Science magazine’s Eli Kintisch announced on a blog this afternoon that Barack Obama has picked physicist John Holdren to become the next White House science adviser. Holdren is a recent past-president and board chairman of the American Association for the Advancement of Science, which publishes the journal and website for which Kintisch reports.
Director of the Woods Hole Research Center in Massachusetts, Holdren currently holds an additional appointment as the director of science, technology and public policy at Harvard’s John F. Kennedy School of Government and teaches environmental science and public policy in Harvard’s department of Earth and planetary sciences.
Although trained in aerospace engineering and theoretical plasma physics (at MIT and Stanford), Holdren has over the years become involved in a number of social issues with strong scientific underpinnings, including: global environmental change, energy and resource options for industrial and developing countries, and nuclear arms control and nonproliferation.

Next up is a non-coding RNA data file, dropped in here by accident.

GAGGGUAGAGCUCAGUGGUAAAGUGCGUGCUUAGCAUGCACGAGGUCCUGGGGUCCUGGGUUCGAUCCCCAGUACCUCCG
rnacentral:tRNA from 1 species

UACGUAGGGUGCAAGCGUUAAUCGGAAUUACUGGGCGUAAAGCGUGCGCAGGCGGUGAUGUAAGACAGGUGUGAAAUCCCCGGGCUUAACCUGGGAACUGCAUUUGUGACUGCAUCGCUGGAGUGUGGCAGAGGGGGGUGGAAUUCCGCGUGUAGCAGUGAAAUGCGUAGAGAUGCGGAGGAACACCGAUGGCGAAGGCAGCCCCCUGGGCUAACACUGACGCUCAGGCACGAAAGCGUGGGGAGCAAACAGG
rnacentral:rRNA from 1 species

Along the way, Holdren has garnered many awards, including the 2001 Heinz Award in Public Policy, 2000 Tyler Prize for Environmental Achievement, 1999 Kaul Foundation Award in Science and Environmental Policy, 1993 Volvo Environment Prize and 1981 MacArthur Foundation fellowship. For a decade in the late ‘80s to ‘90s, Holdren chaired the executive committee of the Pugwash Conferences on Science and World Affairs. When Pugwash won the 1995 Nobel Peace Prize, Holdren gave its acceptance lecture.
And no stranger to presidential counsel, this busy man spent six years working for Bill Clinton on the President’s Council of Advisors on Science and Technology, also known as PCAST.
According to the Science blog, Holdren “flew today to Chicago to meet with the transition team and prepare for the announcement; initial plans are to release the official news of the appointment on a weekly radio program that Obama records and will be broadcast on Saturday.”